Modernists across the globe looked to Paris as the source of movements and ideas that revolutionized art in the 20th century. Photographer Jonas Yip (American, b. 1967) and his father, poet Wai-lim Yip (born in China in 1937), chose Paris to be the focal point of a dialogue between text and image, classical and modern, East and West, and father and son.

In his photographs of rain-washed streets and empty parks peopled by indistinct, ghostly figures, Jonas Yip has embraced the spontaneous and accidental. Unforeseen effects of homemade lenses, misaligned planes of focus, and light leaks have become part of the photographer’s palette—his language of expression.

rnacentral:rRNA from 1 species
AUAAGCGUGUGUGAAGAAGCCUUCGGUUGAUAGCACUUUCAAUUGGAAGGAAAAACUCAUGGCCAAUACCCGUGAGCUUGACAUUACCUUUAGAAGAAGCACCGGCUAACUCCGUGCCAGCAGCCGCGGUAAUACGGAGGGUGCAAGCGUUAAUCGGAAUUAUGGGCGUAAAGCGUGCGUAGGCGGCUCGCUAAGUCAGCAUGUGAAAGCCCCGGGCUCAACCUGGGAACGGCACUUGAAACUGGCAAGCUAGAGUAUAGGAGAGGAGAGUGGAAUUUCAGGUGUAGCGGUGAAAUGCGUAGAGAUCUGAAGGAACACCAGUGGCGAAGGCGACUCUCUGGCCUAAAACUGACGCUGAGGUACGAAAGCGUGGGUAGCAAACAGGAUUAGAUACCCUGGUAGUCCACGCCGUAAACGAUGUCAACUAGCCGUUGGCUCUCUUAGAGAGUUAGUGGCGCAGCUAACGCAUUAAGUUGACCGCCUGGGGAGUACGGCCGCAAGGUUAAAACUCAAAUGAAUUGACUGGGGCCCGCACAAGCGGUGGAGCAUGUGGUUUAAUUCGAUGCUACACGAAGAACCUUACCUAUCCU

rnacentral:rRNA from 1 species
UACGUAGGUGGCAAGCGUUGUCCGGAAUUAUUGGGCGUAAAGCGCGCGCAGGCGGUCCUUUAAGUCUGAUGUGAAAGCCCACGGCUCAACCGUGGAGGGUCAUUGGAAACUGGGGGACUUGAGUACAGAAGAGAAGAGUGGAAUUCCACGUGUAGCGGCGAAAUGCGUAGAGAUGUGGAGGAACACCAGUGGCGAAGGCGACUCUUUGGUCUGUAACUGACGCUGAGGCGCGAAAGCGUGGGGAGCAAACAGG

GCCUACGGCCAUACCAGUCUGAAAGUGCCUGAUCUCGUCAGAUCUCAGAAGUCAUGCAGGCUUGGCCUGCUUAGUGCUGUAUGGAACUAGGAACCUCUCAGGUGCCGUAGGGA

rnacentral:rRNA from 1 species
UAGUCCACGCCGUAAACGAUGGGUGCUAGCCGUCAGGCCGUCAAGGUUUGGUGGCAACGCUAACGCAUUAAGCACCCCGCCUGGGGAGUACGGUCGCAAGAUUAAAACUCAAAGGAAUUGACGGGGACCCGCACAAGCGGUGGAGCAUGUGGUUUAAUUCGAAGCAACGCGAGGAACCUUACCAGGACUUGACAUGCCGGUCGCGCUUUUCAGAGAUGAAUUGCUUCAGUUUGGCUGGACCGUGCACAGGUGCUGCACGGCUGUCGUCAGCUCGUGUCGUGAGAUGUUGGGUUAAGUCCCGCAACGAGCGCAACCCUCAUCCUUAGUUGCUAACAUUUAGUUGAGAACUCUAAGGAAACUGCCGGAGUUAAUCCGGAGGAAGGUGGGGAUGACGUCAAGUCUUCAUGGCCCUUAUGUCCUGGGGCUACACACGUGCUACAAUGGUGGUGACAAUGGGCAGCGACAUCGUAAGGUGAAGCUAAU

Inspired by these photographs, Wai-lim Yip, influential poet, critic, and member of the Taiwanese avant-garde, composed minimalist poems that link the aesthetics of Classical Chinese poetry with mid-twentieth-century Anglo-American Imagism. With only a few words the verses conjure a mood of melancholy nostalgia, perhaps for the vibrantly intellectual Paris of the mid-twentieth century. Shown side by side, these evocative pictures and the poems presented in both Chinese and English, suggest a cross-cultural, multi-generational dialogue whereby image and text are mutually enriched.